A new study shows that methods of sucking up atmospheric air and filtering out the CO2 can be improved by adding copper to the filter material, potentially opening up the technology to dozens more uses that could produce a meaningful difference in the fight against climate change.
The addition of copper also converts the captured CO2 to a harmless baking soda that could be stored in the oceans, or turned into a saleable product.
Some scientists say the only way to limit the warming of the Earth to less than 1.5°C over this century is if humanity starts to extract some of the CO2 they’ve added to the atmosphere through carbon capture methods.
These machines come in two forms: one that uses large fans to pull regular air from the environment, filter out the CO2, and then store that underground or produce other chemical products, and a second that does the work directly at the exhaust point of large factories, power plants, or natural gas wells.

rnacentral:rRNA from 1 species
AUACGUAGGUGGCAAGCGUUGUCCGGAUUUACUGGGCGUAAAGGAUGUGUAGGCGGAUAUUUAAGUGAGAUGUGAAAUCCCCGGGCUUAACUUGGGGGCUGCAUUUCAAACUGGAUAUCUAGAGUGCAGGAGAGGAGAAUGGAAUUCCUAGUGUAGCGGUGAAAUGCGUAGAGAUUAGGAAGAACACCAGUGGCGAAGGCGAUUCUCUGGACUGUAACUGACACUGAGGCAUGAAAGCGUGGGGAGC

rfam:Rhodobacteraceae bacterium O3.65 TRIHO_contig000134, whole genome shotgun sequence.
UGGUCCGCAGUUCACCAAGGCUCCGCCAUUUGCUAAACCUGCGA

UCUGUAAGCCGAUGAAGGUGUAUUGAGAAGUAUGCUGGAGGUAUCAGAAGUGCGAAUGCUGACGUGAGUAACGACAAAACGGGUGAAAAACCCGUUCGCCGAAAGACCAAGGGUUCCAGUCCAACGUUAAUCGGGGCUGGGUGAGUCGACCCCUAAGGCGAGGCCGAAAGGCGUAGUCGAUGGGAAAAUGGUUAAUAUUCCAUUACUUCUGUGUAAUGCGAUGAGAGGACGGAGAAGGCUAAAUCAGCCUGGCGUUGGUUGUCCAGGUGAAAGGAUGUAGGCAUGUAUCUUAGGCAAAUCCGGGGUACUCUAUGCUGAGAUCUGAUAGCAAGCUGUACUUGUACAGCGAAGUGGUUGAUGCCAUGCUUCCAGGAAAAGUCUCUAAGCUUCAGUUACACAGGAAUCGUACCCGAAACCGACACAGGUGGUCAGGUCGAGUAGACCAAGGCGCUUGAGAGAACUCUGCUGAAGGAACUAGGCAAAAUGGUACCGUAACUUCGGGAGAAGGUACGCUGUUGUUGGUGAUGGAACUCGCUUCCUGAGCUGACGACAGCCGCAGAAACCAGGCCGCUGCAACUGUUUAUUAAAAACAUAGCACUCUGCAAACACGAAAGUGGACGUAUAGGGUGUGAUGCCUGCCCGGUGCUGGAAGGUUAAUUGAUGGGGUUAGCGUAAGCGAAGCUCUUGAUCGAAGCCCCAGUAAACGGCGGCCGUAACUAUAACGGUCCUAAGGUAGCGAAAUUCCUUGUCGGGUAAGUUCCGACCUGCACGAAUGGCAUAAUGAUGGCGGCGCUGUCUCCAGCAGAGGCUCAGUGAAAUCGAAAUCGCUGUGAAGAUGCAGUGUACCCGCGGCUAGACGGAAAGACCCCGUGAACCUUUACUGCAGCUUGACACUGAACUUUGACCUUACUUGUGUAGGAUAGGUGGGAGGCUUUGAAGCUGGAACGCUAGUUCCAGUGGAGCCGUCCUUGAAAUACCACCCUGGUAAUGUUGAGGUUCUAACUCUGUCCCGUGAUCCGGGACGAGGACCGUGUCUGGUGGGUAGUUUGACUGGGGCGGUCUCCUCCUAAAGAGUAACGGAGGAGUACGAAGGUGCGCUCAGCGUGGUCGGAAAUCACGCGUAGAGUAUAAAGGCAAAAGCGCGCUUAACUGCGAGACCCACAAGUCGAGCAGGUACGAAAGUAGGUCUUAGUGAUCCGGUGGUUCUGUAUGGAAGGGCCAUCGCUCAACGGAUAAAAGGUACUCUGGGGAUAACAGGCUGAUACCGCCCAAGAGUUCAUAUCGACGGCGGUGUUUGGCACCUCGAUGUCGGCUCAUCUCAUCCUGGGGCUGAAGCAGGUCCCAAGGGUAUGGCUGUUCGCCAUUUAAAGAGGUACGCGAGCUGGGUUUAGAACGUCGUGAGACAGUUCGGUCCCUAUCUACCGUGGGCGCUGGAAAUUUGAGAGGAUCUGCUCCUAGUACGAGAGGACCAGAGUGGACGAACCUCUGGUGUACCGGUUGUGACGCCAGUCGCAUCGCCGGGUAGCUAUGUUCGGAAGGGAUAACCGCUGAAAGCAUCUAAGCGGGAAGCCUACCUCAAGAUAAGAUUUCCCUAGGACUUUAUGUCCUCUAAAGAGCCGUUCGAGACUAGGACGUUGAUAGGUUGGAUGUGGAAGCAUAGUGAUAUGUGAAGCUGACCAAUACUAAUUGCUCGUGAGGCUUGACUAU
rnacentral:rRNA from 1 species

The former method deals with CO2 at very few parts per million, while the latter does so at much higher concentrations, but with placement limited to industrial facilities.
Now, a study published in Science Advances shows that when copper is added to the ammine-based filter devices on the large ambient carbon-capture machines, they filter out CO2 three times as much, reducing cost and improving efficiency.
“To my knowledge, there is no absorbing material which even at 100,000 ppm, shows the capacity we get it in direct air capture of 400 ppm,” said lead author Professor Arup Sengupta from Lehigh University in the US.
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